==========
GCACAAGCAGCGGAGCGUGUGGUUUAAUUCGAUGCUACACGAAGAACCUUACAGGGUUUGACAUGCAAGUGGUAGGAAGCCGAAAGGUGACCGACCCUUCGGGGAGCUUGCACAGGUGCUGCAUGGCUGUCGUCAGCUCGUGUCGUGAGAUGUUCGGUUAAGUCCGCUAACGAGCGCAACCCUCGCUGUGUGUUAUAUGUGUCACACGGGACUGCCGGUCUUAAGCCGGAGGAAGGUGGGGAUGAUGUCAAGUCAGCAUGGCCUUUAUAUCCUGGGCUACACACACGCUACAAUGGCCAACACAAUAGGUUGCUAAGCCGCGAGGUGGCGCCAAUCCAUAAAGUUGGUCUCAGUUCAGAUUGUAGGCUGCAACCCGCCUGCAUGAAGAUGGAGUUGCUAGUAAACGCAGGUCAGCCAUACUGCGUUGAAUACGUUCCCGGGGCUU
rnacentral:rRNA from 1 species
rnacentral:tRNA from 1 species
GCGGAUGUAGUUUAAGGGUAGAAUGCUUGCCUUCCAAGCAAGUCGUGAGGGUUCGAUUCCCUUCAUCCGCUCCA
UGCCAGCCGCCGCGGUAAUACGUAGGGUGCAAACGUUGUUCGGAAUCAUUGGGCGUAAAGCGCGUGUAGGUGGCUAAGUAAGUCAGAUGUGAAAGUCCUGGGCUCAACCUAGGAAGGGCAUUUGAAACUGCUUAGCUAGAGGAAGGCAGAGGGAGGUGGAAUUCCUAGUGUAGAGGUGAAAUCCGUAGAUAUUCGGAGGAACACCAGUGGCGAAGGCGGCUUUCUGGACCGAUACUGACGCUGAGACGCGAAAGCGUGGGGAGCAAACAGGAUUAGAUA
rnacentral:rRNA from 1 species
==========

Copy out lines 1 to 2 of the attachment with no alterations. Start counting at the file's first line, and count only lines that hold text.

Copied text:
GCACAAGCAGCGGAGCGUGUGGUUUAAUUCGAUGCUACACGAAGAACCUUACAGGGUUUGACAUGCAAGUGGUAGGAAGCCGAAAGGUGACCGACCCUUCGGGGAGCUUGCACAGGUGCUGCAUGGCUGUCGUCAGCUCGUGUCGUGAGAUGUUCGGUUAAGUCCGCUAACGAGCGCAACCCUCGCUGUGUGUUAUAUGUGUCACACGGGACUGCCGGUCUUAAGCCGGAGGAAGGUGGGGAUGAUGUCAAGUCAGCAUGGCCUUUAUAUCCUGGGCUACACACACGCUACAAUGGCCAACACAAUAGGUUGCUAAGCCGCGAGGUGGCGCCAAUCCAUAAAGUUGGUCUCAGUUCAGAUUGUAGGCUGCAACCCGCCUGCAUGAAGAUGGAGUUGCUAGUAAACGCAGGUCAGCCAUACUGCGUUGAAUACGUUCCCGGGGCUU
rnacentral:rRNA from 1 species